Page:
Let me start this overview of the key insights I learned at the CBC 2019 by depicting my foggy early-morning journey to the 5th annual conference of UCL’s Centre for Behaviour Change, which offered me a surprisingly comprehensive reminder of the event’s importance. Embarking the plane and trying to catch my train connection to the city, I ran past dozens of people treating themselves with a proper English breakfast – coffee and cigarettes.
A couple minutes later, I witnessed another interesting sight – a couple of commuters snacking on crisps at 7.30am. Their swollen eyes were signalling both severe sleep deprivation and excessive levels of stress, two conditions most probably shared by the majority of their fellow travellers. And finally, some twenty minutes later, I stepped out into the wilderness of the King’s Cross neighbourhood where I my path was completely blocked by an army of smartphone zombies nervously trying to catch up with the extremely fast-changing world that we live in these days.
My morning journey from Amsterdam was merely one of the testaments to the many public health issues we are currently facing. We need continuous improvement and innovation of our health behaviour change strategies and applications to keep up with the ever-evolving societal problems. And the UCL’s conference on “Behaviour Change for Health: Digital and other Innovative Methods”, during which I also had the honour to present my own research on Dutch healthy lifestyle interventions using mobile apps and social media, seemed like the perfect place to stimulate such thoughts.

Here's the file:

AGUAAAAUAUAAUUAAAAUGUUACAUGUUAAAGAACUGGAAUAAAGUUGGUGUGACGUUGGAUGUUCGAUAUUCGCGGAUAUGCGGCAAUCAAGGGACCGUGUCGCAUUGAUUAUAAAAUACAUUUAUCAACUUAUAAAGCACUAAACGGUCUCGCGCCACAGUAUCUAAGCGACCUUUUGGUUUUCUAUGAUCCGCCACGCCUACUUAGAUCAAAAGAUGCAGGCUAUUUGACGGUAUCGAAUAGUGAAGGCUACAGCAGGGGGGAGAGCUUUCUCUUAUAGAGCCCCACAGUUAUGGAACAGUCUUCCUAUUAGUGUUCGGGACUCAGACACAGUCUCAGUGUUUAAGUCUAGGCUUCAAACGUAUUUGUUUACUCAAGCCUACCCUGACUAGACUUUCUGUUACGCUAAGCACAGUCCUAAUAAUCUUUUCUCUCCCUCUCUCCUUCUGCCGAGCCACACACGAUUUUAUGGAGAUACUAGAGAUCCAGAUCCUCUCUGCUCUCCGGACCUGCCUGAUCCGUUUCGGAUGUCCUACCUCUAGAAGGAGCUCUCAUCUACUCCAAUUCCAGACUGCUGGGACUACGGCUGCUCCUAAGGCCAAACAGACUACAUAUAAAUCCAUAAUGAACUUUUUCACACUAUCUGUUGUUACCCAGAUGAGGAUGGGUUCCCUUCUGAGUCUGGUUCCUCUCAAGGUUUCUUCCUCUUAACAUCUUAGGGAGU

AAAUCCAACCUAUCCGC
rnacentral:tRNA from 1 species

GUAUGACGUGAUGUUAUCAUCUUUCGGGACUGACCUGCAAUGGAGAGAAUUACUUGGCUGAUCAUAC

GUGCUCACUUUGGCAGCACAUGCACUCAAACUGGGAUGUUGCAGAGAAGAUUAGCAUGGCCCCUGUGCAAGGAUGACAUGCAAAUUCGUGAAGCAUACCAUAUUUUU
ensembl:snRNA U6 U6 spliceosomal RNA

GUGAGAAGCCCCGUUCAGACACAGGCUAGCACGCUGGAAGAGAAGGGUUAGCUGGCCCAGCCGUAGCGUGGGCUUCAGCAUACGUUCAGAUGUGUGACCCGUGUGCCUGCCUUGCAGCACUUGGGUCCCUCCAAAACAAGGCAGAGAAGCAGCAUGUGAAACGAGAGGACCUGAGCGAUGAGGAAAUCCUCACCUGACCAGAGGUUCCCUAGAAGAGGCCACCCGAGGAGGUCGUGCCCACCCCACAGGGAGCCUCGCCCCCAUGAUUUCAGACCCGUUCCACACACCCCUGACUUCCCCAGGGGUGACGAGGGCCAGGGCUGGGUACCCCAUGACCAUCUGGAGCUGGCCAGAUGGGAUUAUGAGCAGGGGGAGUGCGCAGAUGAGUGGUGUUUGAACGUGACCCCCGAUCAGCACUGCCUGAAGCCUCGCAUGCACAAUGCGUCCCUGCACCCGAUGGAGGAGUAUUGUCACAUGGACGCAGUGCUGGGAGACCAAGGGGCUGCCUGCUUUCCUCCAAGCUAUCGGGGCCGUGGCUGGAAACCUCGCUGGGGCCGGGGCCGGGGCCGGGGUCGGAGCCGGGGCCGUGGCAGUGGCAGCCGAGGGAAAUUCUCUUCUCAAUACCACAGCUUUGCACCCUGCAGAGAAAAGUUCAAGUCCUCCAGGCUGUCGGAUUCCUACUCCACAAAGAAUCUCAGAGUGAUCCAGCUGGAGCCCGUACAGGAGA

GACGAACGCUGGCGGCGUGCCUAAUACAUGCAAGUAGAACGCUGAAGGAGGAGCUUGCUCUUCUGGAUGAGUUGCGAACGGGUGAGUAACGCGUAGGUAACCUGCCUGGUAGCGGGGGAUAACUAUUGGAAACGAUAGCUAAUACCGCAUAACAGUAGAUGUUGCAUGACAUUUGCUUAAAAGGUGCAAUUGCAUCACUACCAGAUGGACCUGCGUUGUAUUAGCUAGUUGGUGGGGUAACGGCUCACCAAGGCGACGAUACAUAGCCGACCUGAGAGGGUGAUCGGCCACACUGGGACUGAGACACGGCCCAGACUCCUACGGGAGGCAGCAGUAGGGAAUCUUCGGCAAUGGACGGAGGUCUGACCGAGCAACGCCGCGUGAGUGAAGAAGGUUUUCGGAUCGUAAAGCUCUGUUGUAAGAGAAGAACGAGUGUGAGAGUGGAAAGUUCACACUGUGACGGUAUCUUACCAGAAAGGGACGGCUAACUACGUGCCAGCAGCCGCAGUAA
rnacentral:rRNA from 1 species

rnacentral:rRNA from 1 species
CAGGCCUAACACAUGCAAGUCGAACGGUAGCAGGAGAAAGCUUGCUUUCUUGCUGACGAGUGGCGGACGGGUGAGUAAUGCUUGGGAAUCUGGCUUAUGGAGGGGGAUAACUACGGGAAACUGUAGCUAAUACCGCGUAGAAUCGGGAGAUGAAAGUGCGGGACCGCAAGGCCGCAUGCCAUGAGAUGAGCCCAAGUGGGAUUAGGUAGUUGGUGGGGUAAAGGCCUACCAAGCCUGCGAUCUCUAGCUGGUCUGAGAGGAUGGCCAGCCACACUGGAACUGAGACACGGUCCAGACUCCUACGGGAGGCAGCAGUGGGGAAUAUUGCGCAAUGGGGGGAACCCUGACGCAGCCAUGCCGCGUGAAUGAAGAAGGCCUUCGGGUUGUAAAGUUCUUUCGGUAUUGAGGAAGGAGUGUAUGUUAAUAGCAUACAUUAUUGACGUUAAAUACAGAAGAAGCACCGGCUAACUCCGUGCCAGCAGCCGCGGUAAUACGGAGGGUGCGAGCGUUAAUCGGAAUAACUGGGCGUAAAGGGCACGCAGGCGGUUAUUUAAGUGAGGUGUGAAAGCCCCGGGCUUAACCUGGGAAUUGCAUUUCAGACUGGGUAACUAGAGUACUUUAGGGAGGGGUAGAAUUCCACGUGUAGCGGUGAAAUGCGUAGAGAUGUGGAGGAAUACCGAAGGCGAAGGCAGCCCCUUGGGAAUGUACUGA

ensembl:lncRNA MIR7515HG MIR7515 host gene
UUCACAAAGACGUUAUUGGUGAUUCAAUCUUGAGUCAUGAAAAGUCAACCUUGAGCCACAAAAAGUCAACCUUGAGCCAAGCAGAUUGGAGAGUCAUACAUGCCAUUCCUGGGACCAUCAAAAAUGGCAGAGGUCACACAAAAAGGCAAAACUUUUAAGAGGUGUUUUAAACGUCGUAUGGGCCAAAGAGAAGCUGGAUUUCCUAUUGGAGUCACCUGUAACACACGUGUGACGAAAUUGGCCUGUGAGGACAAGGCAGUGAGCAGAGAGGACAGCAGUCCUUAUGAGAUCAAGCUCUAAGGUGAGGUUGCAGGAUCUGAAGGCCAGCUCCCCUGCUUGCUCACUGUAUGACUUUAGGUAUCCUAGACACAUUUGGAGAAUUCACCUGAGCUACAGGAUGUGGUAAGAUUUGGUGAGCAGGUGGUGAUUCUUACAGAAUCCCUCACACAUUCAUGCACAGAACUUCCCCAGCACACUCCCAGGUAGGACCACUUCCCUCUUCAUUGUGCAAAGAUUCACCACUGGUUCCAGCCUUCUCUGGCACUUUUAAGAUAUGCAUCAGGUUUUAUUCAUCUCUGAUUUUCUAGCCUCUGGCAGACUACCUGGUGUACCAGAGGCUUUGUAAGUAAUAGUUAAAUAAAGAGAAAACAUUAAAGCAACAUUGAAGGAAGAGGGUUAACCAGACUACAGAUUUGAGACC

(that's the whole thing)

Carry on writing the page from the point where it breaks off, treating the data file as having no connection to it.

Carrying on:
The event’s two-day programme offered an incredible amount of captivating insights. Instead of providing you with a tiny glimpse into every this and that, let me focus on my five key lessons learned with regard to the role of digital innovation in future health promotion efforts.
There are very few domains these days in which data analytics do not play an absolutely fundamental role yet. The opening keynote by Dr Jennifer Turgiss from Johnson & Johnson demonstrated that health promotion will soon be crossed off this list too. This talk focused on the interactions of data science, behaviour science, and technology advances, and showed how this interplay can be of incredible benefit to both researchers and practitioners.
By putting unsupervised machine learning algorithms to use, we are now able to successfully merge datasets acquired from various sources such as mobile apps and tracking devices and draw meaningful conclusions about the target group members’ responses to our tactics. As Dr Turgiss highlighted, there is no one strategy that would be effective for all sub-types of the target audience. Therefore, we should focus on behaviour phenotypes – tracking longitudinal progress of individuals to find behaviour/compliance patterns with Big Data clustering. Further improvements of this approach should allow us to maximize our future interventions’ effectivity with adaptive personalization.
While still breathing through the post-performance stress after my own talk, I got intrigued by the project presented by Quynh Pham from the University of Toronto. In no more than eight minutes, we learned quite a lot about the functionality of the newly developed Analytics Platform to Evaluate Effective Engagement (APEEE). The platform serves as a very useful tool for real-time quantification and visualization of effective engagement with our intervention.